Bringing past to light

Memories: A longtime resident recalls growing up in the area after moving to `Elkridge country' in 1921.

150 Years of Howard History

January 09, 2001

William John Amberman, 91, lives in Ellicott City. He was interviewed by folklorist Alison Kahn on May 13, 1999, as part of an oral history project coordinated by Friends of Patapsco Valley & Heritage Greenway Inc. This is the first of two excerpts from that interview.

Well, I was born on July the 5th, 1909, in a little place called Westport, Maryland, on the second floor of a blacksmith shop.

My father was a blacksmith at the time, and he and my mother lived there I suppose for two, three, four years after they married, because I do not remember Westport except on visits that my mother took. They moved to Federal Street in East Baltimore, and we lived there until I was 7 years old. And then we moved to Gardenville. I attended school there until I was 12 years old.

And then in August of 1921, we moved to Elkridge country. And when I say country, I mean country, because to go to the bathroom you lit a lantern and went outside [to the privy], which my father built before we moved there. We lived in what they call West Elkridge, which was near a little town called Harwood [Park].

I remember it very vividly because I was just a kid and going to a brand new school in September. And because I had something wrong with my scalp, my father and mother were advised to have my head shaved prior to moving to the country, which they did. So I went to school with a shaved head, and I didn't know one soul. I was immediately monikered "the baldheaded eagle."

We had a real nice house. It was an old house. I understand it was the servants' quarters, when they had the old Hunt Club up on top of the hill, long before my time. When they divided it up and sold it, they had 50 acres. It was nice and flat, wonderful farmland. My father bought 25 acres with a house, a barn and three outbuildings, for $5,000.

So I went to school there and helped my father in the blacksmith shop so that I started learning the trade. I learned everything except nailing the shoe on the horse. My father thought that was too risky a situation [with the] possibility of laming the horse, so he nailed all the shoes on.

Tractors were available, but most people couldn't afford tractors. We had a pair of horses for our farm work that you didn't need reins for. You just talked to them. And I was a city boy up until that time.[We had] corn, hay, wheat. Twenty-five acres is a big place. We would hire people, mainly blacks that lived close by, and they were nice people, I'll tell you, real good friends of ours.

I had chores to do before I went for school. You get up and you milk three cows and feed two horses and a jackass and the chickens and the hogs, and then you come in and get yourself washed up and eat breakfast and then walk two miles to school.

I had a tremendous breakfast. Usually about seven eggs and some bacon and toast. That was my breakfast. And then a sandwich for lunch. Sometimes, if we were financially secure, I would get a nickel to take to school with me and I'd buy my lunch. We'd go down to the Petrlik's, which was the grocery store, and get two slices of bologna and two slices of bread for 4 cents.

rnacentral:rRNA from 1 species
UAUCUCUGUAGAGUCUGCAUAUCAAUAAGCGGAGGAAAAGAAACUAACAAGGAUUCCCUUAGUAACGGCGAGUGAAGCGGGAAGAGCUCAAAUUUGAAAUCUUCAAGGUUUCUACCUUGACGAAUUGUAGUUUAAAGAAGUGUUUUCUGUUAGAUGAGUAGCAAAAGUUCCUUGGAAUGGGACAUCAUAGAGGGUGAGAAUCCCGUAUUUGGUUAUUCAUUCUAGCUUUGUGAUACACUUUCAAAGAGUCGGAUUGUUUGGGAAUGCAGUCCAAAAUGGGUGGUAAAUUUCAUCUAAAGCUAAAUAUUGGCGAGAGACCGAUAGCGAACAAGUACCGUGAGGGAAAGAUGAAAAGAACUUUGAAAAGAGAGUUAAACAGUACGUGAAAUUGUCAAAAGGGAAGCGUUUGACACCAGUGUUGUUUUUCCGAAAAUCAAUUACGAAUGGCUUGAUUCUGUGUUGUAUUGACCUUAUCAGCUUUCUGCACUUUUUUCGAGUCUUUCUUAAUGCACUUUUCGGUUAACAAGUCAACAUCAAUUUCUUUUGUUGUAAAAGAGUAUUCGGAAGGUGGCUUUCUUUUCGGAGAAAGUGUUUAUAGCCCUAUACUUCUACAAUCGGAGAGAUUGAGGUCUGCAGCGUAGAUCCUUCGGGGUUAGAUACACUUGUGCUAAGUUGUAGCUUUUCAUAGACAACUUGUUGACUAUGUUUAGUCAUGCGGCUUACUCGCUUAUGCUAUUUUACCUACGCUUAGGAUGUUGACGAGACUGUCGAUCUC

With three cows, we were able to sell milk. And we did. But, in those days, why, it wasn't anything like pasteurization or anything like that. You just sold the raw milk in a tin pail. The fact is, that's how I met my wife.

I was the milkman. At that time, I was a Methodist and I was very active in the Epworth League in the church. And this was on a Sunday evening. Meetings started around 7 o'clock. The church was about two miles away and I had to walk.

So my father says, "I've got the Cavey's milk ready. Would you stop by and deliver it on your way to church?"

I says, "Sure." So I did. Well, the end result was, I never went to church that day because when I got up there, I rapped on the door. Mrs. Cavey, the mother, usually answered the door, but instead of that, here is this beautiful girl answered the door, and I says, "You must be Marian."

I had heard about her. And she says, "And you must be William." I says, "You're so right."

So she says, "Come on in." So I went in.

She says, "Mom and Pop had to go in town, but they'll be back very shortly. Won't you stay a while?"

I says, "Yes, I don't mind if I do." So, I stayed the entire evening, even when Pop and Mom came back. Of course, I knew them. But I had never met Marian. I had seen her when she drove by, but I never met her.

And from there on, why, we went to church together. She was Presbyterian. I was a Methodist. So, guess where I wound up? I soon became a Presbyterian.

I was about 21 at that time and we went together three years and then we got married. I was 24 on the 5th of July and we got married on the 8th of July. She was 31.

She was older than I, and everybody says, "Absolutely it will not work." My mother and father were dead set against it. Her mother and father were against it. It would not work.

Well, it didn't, only for 46 years. We were married 46 years, wonderful years.

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